The rural people’s rhythm of life with many farm works historically very severely restricted the time available for cooking. Therefore, Latgale cuisine is characterized by fast, easy-to-make, or simply warmed over food. However, the self-made and sometimes very modest dishes have done Latgale people just stronger.

Latgale cooking traditions were also dependent on the change of seasons. Pigs raised in summer were slaughtered in winter, allowing a large range of meat dishes on Christmas table. While the bacon was salted, frozen and kept for using during hot hay season. The new potatoes were dig out around Midsummer, and with the grain harvest in autumn, the farmers baked a loaf of bread from the new grain.

Beside the regular work, different feasts were celebrated too. A celebration which is entwined with the most stories is the wedding traditions in Latgale. The wedding usually longed for several days, and all the relatives and neighbours to the young couple were invited for the feast. They had to be well fed, so good Latgale wedding cooks have been as precious as gold at all times.

As time passes, the traditions are being adjusted to age, the food is not so nourishing any more, they tend to be more imaginative and richer in flavors than the original ones. But nevertheless, the secret of cooking art of good culinary masters include estimation by sight, sense of taste and inter-generation exchanges.

 

  • Shoemakers

 The shoe manufacturers of the 19th century are divided into two major groups: shoemakers and felt boots fullers. Most of the shoemakers made the shoes from leather. They were the ones who took care of one’s feet so that all people had shoes in towns, villages and the rural areas. Artisans living in rural areas often were shoemakers and saddlers in one person. Wearing leather shoes was a visual evidence of one’s well-being and wealth. By contrast, bast shoes and pastalas (simple footwear made of one piece of leather) were considered typical peasant everyday and work shoes. These shoes were made at home. The pastalas were manufactured from thick leather, but the bast shoes were weaved from lime basts.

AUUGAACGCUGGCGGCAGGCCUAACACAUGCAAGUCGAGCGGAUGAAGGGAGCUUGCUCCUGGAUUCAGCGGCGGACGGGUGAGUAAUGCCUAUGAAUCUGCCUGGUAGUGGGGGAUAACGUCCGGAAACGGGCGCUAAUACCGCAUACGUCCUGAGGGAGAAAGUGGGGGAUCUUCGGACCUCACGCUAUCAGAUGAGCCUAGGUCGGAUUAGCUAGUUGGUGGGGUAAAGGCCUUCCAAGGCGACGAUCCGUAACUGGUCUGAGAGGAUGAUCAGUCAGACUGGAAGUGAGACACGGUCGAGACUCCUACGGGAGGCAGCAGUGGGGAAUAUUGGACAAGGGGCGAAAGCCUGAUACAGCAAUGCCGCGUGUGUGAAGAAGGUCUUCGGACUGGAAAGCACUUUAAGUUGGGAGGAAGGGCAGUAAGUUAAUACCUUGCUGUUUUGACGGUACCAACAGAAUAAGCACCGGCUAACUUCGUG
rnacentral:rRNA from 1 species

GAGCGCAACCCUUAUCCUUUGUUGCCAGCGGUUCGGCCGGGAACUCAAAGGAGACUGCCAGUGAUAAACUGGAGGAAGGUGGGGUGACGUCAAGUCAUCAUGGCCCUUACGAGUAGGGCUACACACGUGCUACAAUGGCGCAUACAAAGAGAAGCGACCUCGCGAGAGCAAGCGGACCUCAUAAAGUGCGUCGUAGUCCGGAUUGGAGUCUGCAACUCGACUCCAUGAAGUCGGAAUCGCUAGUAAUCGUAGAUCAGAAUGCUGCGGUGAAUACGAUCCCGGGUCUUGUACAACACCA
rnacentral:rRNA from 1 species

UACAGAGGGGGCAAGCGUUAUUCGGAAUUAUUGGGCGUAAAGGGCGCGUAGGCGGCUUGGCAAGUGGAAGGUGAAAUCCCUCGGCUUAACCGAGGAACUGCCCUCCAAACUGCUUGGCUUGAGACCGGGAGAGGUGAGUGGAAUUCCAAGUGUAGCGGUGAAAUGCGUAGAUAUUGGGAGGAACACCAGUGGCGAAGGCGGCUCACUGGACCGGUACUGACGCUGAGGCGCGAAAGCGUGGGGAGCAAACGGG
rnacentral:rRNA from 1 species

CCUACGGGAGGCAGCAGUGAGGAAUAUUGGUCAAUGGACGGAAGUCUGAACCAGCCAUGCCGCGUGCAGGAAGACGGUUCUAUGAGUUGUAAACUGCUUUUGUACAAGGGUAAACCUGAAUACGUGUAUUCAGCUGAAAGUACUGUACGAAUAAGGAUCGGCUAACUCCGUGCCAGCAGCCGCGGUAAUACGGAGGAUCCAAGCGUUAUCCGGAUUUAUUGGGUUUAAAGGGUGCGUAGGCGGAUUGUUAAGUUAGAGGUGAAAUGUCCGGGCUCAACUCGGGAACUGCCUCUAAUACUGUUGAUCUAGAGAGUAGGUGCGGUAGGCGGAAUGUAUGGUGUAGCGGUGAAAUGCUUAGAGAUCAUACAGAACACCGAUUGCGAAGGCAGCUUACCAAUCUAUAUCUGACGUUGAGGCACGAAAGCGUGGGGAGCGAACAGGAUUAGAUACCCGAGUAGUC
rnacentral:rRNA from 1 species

The so-called strikenes or peternes were made from twisted flax strings. Typically, there was one shoemaker working in a village, but in areas where shoes were manufactured for sale in the market, there were more shoemakers.

In the end of the 19th century, the most important producers of shoes as a market product lived in Livani, Preili and Dagda villages. They were able to produce about 100 pairs of shoes a year.

During the 20th century, the shoemakers’ work was gradually replaced by the industrial production of footwear. However, handmade craft is still alive and highly valued in modern times, especially if shoe repair services, as well as individual orders are necessary.

 

  • Pottery

Pottery is one of the oldest crafts identified in the world and also in Latgale. The historical development of pottery continues through centuries, when the creation of tableware involved not only human hands, but also a potter's wheel. Pottery has gradually developed as a popular field of handicrafts and an important proof of cultural identity reflecting the districts’ unique characteristic features in terms of performance, shapes, the ways of ornamentation, decoration and the application of dish firing techniques.

In 19th century, there were popular pottery centers already developed in Latgale. They were characterized by a dense layout of workshops, a certain combination of traditions, canon and style nuances. Job skills are inherited from generation to generation, therefore a center of Northern Latgale, Ludza, and Latgale Midland as well as several pottery families exist for a long time there.

The basic Latgale pottery articles have developed historically and practically including these types of houselhold tableware: bowl, milk pot, churn, and other household utensils.